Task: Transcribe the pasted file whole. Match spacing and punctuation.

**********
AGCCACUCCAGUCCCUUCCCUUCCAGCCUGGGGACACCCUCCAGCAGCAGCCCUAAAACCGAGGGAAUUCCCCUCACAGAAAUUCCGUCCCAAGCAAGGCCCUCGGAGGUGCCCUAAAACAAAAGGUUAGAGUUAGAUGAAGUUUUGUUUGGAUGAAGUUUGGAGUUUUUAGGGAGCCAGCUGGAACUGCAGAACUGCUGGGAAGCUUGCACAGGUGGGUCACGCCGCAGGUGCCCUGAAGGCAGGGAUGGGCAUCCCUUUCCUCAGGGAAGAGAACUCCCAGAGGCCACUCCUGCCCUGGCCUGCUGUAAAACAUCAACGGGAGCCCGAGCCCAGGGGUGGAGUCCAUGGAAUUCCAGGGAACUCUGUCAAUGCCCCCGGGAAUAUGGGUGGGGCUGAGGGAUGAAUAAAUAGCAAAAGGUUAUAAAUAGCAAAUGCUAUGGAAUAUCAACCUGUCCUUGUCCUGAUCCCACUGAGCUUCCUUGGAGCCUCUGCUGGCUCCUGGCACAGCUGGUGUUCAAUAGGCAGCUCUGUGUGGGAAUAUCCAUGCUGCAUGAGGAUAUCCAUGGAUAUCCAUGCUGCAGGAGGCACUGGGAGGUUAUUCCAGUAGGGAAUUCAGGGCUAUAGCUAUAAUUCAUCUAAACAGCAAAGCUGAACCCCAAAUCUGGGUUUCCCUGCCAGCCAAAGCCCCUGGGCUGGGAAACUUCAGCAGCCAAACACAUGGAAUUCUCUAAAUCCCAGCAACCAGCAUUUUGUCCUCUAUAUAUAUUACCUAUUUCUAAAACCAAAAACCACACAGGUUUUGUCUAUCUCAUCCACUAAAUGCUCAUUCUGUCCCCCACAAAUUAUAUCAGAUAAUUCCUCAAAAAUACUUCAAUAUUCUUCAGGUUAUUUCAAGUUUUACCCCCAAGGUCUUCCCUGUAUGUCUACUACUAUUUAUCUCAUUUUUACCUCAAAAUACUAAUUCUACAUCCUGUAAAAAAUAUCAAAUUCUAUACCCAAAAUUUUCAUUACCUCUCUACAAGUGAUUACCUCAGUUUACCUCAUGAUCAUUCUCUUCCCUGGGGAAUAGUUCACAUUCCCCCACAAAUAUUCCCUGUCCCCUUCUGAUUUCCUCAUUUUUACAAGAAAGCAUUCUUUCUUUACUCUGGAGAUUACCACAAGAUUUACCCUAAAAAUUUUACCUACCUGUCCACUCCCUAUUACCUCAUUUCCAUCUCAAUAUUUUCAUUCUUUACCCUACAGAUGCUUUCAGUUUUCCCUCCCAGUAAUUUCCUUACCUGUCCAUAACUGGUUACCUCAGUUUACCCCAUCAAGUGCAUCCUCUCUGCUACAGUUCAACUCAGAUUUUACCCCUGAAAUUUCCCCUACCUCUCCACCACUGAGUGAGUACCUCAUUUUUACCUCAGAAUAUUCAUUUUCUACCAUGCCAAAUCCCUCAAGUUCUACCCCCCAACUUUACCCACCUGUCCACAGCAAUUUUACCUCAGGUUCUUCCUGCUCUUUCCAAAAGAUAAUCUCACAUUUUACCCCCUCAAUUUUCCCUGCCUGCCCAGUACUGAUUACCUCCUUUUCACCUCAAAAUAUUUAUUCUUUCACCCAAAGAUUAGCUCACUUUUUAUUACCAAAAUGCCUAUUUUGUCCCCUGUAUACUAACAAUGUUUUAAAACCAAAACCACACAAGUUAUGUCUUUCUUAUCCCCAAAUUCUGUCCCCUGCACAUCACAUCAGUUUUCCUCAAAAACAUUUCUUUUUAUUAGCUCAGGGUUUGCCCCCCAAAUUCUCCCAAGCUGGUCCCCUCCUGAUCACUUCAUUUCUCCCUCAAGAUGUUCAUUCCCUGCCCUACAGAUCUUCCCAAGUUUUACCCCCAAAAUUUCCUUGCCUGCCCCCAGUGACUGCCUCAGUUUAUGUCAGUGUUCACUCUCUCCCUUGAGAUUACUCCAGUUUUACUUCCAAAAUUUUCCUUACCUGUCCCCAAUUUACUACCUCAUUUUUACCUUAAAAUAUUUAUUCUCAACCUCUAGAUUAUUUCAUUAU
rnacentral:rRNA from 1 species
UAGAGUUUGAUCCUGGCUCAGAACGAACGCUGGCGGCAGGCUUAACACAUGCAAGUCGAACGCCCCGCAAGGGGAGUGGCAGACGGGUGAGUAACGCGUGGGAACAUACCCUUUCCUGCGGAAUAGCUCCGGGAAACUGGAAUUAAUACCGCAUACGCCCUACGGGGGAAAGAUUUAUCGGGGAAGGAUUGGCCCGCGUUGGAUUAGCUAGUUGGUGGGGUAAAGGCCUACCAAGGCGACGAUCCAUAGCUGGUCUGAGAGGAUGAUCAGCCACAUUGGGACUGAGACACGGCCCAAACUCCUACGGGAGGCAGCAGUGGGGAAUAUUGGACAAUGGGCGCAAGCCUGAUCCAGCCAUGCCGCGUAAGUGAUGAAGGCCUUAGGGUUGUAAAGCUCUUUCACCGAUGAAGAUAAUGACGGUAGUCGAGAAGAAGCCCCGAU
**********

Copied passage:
AGCCACUCCAGUCCCUUCCCUUCCAGCCUGGGGACACCCUCCAGCAGCAGCCCUAAAACCGAGGGAAUUCCCCUCACAGAAAUUCCGUCCCAAGCAAGGCCCUCGGAGGUGCCCUAAAACAAAAGGUUAGAGUUAGAUGAAGUUUUGUUUGGAUGAAGUUUGGAGUUUUUAGGGAGCCAGCUGGAACUGCAGAACUGCUGGGAAGCUUGCACAGGUGGGUCACGCCGCAGGUGCCCUGAAGGCAGGGAUGGGCAUCCCUUUCCUCAGGGAAGAGAACUCCCAGAGGCCACUCCUGCCCUGGCCUGCUGUAAAACAUCAACGGGAGCCCGAGCCCAGGGGUGGAGUCCAUGGAAUUCCAGGGAACUCUGUCAAUGCCCCCGGGAAUAUGGGUGGGGCUGAGGGAUGAAUAAAUAGCAAAAGGUUAUAAAUAGCAAAUGCUAUGGAAUAUCAACCUGUCCUUGUCCUGAUCCCACUGAGCUUCCUUGGAGCCUCUGCUGGCUCCUGGCACAGCUGGUGUUCAAUAGGCAGCUCUGUGUGGGAAUAUCCAUGCUGCAUGAGGAUAUCCAUGGAUAUCCAUGCUGCAGGAGGCACUGGGAGGUUAUUCCAGUAGGGAAUUCAGGGCUAUAGCUAUAAUUCAUCUAAACAGCAAAGCUGAACCCCAAAUCUGGGUUUCCCUGCCAGCCAAAGCCCCUGGGCUGGGAAACUUCAGCAGCCAAACACAUGGAAUUCUCUAAAUCCCAGCAACCAGCAUUUUGUCCUCUAUAUAUAUUACCUAUUUCUAAAACCAAAAACCACACAGGUUUUGUCUAUCUCAUCCACUAAAUGCUCAUUCUGUCCCCCACAAAUUAUAUCAGAUAAUUCCUCAAAAAUACUUCAAUAUUCUUCAGGUUAUUUCAAGUUUUACCCCCAAGGUCUUCCCUGUAUGUCUACUACUAUUUAUCUCAUUUUUACCUCAAAAUACUAAUUCUACAUCCUGUAAAAAAUAUCAAAUUCUAUACCCAAAAUUUUCAUUACCUCUCUACAAGUGAUUACCUCAGUUUACCUCAUGAUCAUUCUCUUCCCUGGGGAAUAGUUCACAUUCCCCCACAAAUAUUCCCUGUCCCCUUCUGAUUUCCUCAUUUUUACAAGAAAGCAUUCUUUCUUUACUCUGGAGAUUACCACAAGAUUUACCCUAAAAAUUUUACCUACCUGUCCACUCCCUAUUACCUCAUUUCCAUCUCAAUAUUUUCAUUCUUUACCCUACAGAUGCUUUCAGUUUUCCCUCCCAGUAAUUUCCUUACCUGUCCAUAACUGGUUACCUCAGUUUACCCCAUCAAGUGCAUCCUCUCUGCUACAGUUCAACUCAGAUUUUACCCCUGAAAUUUCCCCUACCUCUCCACCACUGAGUGAGUACCUCAUUUUUACCUCAGAAUAUUCAUUUUCUACCAUGCCAAAUCCCUCAAGUUCUACCCCCCAACUUUACCCACCUGUCCACAGCAAUUUUACCUCAGGUUCUUCCUGCUCUUUCCAAAAGAUAAUCUCACAUUUUACCCCCUCAAUUUUCCCUGCCUGCCCAGUACUGAUUACCUCCUUUUCACCUCAAAAUAUUUAUUCUUUCACCCAAAGAUUAGCUCACUUUUUAUUACCAAAAUGCCUAUUUUGUCCCCUGUAUACUAACAAUGUUUUAAAACCAAAACCACACAAGUUAUGUCUUUCUUAUCCCCAAAUUCUGUCCCCUGCACAUCACAUCAGUUUUCCUCAAAAACAUUUCUUUUUAUUAGCUCAGGGUUUGCCCCCCAAAUUCUCCCAAGCUGGUCCCCUCCUGAUCACUUCAUUUCUCCCUCAAGAUGUUCAUUCCCUGCCCUACAGAUCUUCCCAAGUUUUACCCCCAAAAUUUCCUUGCCUGCCCCCAGUGACUGCCUCAGUUUAUGUCAGUGUUCACUCUCUCCCUUGAGAUUACUCCAGUUUUACUUCCAAAAUUUUCCUUACCUGUCCCCAAUUUACUACCUCAUUUUUACCUUAAAAUAUUUAUUCUCAACCUCUAGAUUAUUUCAUUAU
rnacentral:rRNA from 1 species
UAGAGUUUGAUCCUGGCUCAGAACGAACGCUGGCGGCAGGCUUAACACAUGCAAGUCGAACGCCCCGCAAGGGGAGUGGCAGACGGGUGAGUAACGCGUGGGAACAUACCCUUUCCUGCGGAAUAGCUCCGGGAAACUGGAAUUAAUACCGCAUACGCCCUACGGGGGAAAGAUUUAUCGGGGAAGGAUUGGCCCGCGUUGGAUUAGCUAGUUGGUGGGGUAAAGGCCUACCAAGGCGACGAUCCAUAGCUGGUCUGAGAGGAUGAUCAGCCACAUUGGGACUGAGACACGGCCCAAACUCCUACGGGAGGCAGCAGUGGGGAAUAUUGGACAAUGGGCGCAAGCCUGAUCCAGCCAUGCCGCGUAAGUGAUGAAGGCCUUAGGGUUGUAAAGCUCUUUCACCGAUGAAGAUAAUGACGGUAGUCGAGAAGAAGCCCCGAU